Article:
Resources for the research on infectious disease

RRID is a repository that includes the resources for the research on infectious disease. Majority of the resources focus on Infectious Respiratory Diseases and Vector-borne Disease (i.e. Influenza, Mumps, Dengue and Zika). Resources were classified as four parts: public datasets, software packages , famious labs, risk assessment and public codes.

Resources for Infectious Disease

Public Datasets

Combined dataset

Taiwan National Infectious Disease Statistics System: provides weekly datasets from the Taiwan National Infectius Disease Surveillance System. You can download the case dataset with other infromations such as gentle, country,age group with the interval at 5 years.

Ministry of Health in Singapore: provides weekly notifiable disease including Dengue Fever, Acute Upper Respiratory Tract infections, Chickenpox and Acute Diarrhoea in Singapore.

Australian Goverment Deaprtment of Health: provides monthly Bloodborne diseases, Gastrointestinal diseases, Other bacterial infections, Quarantinable diseases, Sexually transmissible infections, Vaccine preventable diseases, Vectorborne diseases and Zoonoses at state level, as well as annual dataset by age group and sex at country level.

Project Tycho: currently including data from all weekly notifiable disease reports for the United States dating back to 1888. For the level 2 dataset, the project provides an API (detailed document is here). I write some rough codes to download the dataset using R software. You can also use the codes in lgautier/project-tycho-utilities.

Morbidity and Mortality Weekly Report (MMWR): data for selected nationally notifiable diseases reported by the 50 states, New York City, the District of Columbia, and the U.S. territories at week interval.

Department of Health in Hongkong: includes monthly notifiable infectious diseases, Sentinel surveillance (weekly number of hospital admission episodes of hand, foot and mouth disease (HFMD)) and monthly antibiotic resistance surveillance.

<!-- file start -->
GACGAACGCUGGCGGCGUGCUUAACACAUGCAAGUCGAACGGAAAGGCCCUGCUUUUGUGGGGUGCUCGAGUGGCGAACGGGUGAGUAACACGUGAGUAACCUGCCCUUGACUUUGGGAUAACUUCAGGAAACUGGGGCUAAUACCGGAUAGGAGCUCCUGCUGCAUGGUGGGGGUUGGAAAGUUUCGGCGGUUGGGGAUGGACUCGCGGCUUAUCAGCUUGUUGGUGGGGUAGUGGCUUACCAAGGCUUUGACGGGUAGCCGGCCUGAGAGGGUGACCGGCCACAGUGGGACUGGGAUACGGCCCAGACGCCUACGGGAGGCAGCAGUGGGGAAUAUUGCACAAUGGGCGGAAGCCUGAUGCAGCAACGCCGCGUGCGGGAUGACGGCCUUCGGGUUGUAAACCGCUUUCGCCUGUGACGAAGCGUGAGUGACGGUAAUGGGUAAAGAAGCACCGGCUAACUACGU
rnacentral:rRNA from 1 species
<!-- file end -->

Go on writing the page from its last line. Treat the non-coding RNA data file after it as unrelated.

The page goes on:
DengueNet: a standard platform for sharing current surveillance data in order to detect and monitor incidence and trends of dengue and DHF.

Dengue in Southeast Asia: monthly dengue surveillance data collected from eight countries in Southeast Asia for the period 1993-2010. These data have been integrated from various sources, as described in detail in the supplementary material of the scientific paper of this study in the paper Region-wide synchrony and traveling waves of dengue across eight countries in Southeast Asia Supporting Information.

Dengue in Brazil: weekly number of dengue cases for cities in Brazil hosting games or football teams during the FIFA 2014 World Cup (from 2001 to 2014). These data have been used for the paper Risk of Dengue for Tourists and Teams during the World Cup 2014 in Brazil.

Dengue in Peru and Puerto Rico: this dataset was used to design an infectious disease forecasting project with the aim of galvanizing efforts to predict epidemics of dengue. Other information of those two cities including Population, Satellite Precipitation and Satellite Vegetation were in the website.

DengueCasesMalaysia: dengue weekly dataset in Malaysia at state level from 2011 to 2015.

Dengue in Guangdong: weekly dataset at country level. In additional, import or local information is also included.